The additional costs of the Ied exodus that are borne on other people are more commonly known as negative externalities. Exodus travelers only cover for the cost of tickets, fares, gas, personal time and physical exhaustion; while the rest of us cover for the cost of traffic jams, road damages, poisonous air, increased global temperature, and risk of fatalities. These externalities should have been accounted for by the respective individuals when they weigh the cost and benefits of taking the homebound exodus; unfortunately, they are not.
In order to address the problem, the real cost incurred on the individuals taking the exodus must be increased, taking into account all the externalities. This can mean taxing tickets and fares, setting up temporary toll booths on major roads, and even temporarily increasing gas price for several days before, during and after Ied. The additional revenue should then be channeled to road maintenance, clean air campaigns, and deployment of additional police personnel.
Now you might protest because some people would then not be able to afford taking the trip home. Well actually that’s the entire point. Many people should decide that the cost—the true cost—of going home outweighs the benefit and choose to stay put. Thus we would have less poison in the air and fewer deaths. What is truly scandalous is the fact that not only the government—with our support—decides not to increase the personal cost of Ied exodus, it actually decreases it, by minimizing hikes in tickets and fares. Since the cost of exodus is set considerably lower than it should be, there are significantly more people than it should be out there on the road.
The idea that there should be less people taking the Ied exodus is actually quite popular, especially if you’re one of the unfortunate ones who have ever experienced accidents on what is supposed to be a joyous occasion. In 2008, the Indonesian Council of Ulemmas (MUI) considered making the exodus makruh—an action that is divinely discouraged. Unfortunately, most people respond better to worldly incentive than divine sanctions.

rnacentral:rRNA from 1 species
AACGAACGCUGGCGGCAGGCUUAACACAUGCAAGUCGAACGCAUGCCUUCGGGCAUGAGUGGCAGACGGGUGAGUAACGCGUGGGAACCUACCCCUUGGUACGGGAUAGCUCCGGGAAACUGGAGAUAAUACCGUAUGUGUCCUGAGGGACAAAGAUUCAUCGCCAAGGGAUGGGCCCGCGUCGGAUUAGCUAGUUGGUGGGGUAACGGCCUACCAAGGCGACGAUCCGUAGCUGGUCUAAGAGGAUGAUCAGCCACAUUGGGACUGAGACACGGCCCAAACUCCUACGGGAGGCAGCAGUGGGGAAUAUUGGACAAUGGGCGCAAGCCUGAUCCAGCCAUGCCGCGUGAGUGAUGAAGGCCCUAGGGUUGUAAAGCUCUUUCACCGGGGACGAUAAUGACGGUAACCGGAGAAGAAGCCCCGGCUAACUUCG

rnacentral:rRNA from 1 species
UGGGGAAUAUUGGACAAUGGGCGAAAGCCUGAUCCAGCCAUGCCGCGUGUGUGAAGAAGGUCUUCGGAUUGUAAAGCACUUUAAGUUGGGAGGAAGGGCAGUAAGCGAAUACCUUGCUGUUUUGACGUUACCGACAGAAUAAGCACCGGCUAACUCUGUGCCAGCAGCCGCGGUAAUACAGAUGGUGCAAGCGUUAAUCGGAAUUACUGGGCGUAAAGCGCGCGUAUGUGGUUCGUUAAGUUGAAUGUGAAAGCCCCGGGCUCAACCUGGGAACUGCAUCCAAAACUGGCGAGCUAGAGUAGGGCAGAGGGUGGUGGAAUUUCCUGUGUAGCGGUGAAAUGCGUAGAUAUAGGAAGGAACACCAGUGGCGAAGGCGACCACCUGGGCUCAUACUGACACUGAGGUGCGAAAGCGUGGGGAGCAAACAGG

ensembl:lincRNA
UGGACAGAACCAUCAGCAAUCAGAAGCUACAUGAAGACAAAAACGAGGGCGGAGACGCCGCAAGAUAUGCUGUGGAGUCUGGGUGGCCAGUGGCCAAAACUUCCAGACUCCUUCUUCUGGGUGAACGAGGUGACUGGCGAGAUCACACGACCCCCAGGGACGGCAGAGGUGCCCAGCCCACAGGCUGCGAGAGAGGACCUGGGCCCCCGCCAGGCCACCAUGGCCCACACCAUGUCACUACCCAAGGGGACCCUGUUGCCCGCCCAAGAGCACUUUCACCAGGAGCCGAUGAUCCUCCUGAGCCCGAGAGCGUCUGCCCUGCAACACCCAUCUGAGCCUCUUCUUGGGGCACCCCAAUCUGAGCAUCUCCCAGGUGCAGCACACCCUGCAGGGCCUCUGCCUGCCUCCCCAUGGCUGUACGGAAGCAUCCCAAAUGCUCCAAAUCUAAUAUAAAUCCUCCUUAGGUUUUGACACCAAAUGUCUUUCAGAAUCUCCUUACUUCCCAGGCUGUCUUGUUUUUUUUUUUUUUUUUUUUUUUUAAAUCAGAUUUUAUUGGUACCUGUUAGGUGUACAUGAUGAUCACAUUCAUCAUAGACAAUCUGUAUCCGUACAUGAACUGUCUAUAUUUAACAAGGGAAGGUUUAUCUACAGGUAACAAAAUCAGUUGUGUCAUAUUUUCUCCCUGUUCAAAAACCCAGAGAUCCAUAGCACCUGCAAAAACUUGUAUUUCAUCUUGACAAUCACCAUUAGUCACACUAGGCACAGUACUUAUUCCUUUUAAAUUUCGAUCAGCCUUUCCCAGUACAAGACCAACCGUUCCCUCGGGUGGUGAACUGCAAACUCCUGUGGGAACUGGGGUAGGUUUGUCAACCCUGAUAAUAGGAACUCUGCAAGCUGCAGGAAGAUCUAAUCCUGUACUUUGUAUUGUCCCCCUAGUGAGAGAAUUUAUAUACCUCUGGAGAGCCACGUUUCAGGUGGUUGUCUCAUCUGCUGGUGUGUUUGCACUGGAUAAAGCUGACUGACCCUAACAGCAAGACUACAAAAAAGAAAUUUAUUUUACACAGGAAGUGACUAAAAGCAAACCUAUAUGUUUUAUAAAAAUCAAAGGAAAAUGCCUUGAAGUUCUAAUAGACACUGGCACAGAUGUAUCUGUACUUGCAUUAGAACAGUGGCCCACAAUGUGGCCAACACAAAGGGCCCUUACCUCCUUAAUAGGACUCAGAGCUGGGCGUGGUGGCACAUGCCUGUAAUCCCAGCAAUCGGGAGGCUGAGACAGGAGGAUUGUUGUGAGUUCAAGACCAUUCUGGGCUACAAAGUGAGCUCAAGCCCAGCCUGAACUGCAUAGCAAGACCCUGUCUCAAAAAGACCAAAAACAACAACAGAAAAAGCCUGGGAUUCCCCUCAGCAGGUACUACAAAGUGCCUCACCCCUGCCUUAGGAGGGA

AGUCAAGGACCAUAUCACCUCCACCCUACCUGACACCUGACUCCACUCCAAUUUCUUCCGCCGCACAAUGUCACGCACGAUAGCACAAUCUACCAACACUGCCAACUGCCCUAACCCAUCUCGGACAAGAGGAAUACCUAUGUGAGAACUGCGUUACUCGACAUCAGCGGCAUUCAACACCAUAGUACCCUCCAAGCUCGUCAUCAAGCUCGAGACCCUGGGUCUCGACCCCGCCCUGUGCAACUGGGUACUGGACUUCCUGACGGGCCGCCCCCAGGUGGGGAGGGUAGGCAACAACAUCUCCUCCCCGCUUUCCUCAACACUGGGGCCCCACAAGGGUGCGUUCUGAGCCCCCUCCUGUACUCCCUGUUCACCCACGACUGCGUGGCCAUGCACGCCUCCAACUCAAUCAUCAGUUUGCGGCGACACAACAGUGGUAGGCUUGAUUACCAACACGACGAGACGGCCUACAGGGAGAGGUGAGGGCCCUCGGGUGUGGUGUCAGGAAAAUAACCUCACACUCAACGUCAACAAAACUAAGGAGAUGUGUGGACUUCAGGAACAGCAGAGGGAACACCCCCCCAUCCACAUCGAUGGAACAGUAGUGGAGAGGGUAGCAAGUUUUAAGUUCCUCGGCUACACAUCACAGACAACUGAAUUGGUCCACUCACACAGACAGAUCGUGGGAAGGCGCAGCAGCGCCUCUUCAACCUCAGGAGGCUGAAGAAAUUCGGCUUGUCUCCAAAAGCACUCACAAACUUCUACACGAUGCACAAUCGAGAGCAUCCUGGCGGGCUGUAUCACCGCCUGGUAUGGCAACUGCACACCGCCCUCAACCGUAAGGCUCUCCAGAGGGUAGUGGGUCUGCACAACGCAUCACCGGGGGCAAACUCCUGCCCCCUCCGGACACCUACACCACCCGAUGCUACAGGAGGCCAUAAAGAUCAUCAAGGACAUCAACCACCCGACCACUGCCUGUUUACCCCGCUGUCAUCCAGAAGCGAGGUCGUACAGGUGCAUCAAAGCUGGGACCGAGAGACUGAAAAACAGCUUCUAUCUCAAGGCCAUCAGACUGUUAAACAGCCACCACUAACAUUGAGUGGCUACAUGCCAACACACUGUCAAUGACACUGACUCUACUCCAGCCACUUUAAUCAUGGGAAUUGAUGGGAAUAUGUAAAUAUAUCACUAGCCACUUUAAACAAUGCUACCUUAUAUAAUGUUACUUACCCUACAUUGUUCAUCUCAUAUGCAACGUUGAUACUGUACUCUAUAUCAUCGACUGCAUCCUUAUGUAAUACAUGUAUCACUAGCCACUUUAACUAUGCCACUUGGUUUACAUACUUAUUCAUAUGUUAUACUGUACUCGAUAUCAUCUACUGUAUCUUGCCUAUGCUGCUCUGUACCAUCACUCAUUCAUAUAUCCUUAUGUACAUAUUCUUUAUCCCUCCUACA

I will not downplay the benefit of celebrating Ied with our loved ones. Being able to share the love, joy, and a sense of triumph after a month fasting with the people you call home is truly a blessing. But then again, is it worth 600 lives?
My extended family now numbers more than fifty. Today we’ve made a conscious decision not to make it necessary anymore to have a big gathering during Ied. Again, this is a rational decision—the cost, and risk, of having such familial exodus during the traffic peak of the year outweighs its benefit for us. So we celebrate Ied in different places, making use of the wonder of today’s information technology to share our love and happiness with each other. We do, however, agree to have a family gathering four times a year, scheduled deliberately outside Ied. And we always have as much fun as we did twenty years ago.
An edited version of this article is featured in Jakarta Globe
September 1, 2009
This is the second in a series of articles on the economics of Ramadan. The other two focus on Ramadan-induced inflation and the externalities of Ied exodus.
Begging on the street is haram—forbidden by divine sanction—and beggars will be cracked down by the authority. At least that is what’s going to happen if the Indonesian Council of Ulemmas (MUI) and the Indonesian government can have it their way.
It appears that only several days into the holy month of Ramadan, major cities all over Indonesia are already flooded with seasonal beggars. Seemingly as a response to that, the government announced that they endorsed all efforts to take beggars off the streets, including MUI’s move to declare begging haram.
I’m quite certain there will be people who would highlight how the MUI and government are misguided with their plans. So allow me to focus instead on what I believe to be one of the main reasons—although most certainly not the only one—why we have the whole problem with beggars, especially the seasonal ones, in the first place: ourselves and our perverse sense of charity.
Let’s start from the beginning and make one thing clear: begging is a job. Beggars may be officially referred to as the unemployed, but by all economic definitions, they are service providers. Begging requires capital, time, and hard labor. If you don’t believe me, try waiting on the side of the street for eight to ten hours a day in the baking sun, inhaling toxic fumes, while soliciting potential “clients.” It also provides service; beggars supply us with a venue to delude ourselves that we’re helping the poor, compensate our sense of guilt for not helping enough, and—this is my personal favorite—help us secure a nice spot in heaven. Ramadan allegedly doubles that last benefit; this perception, as we’ll soon see, pushes behavior with some unintended consequences.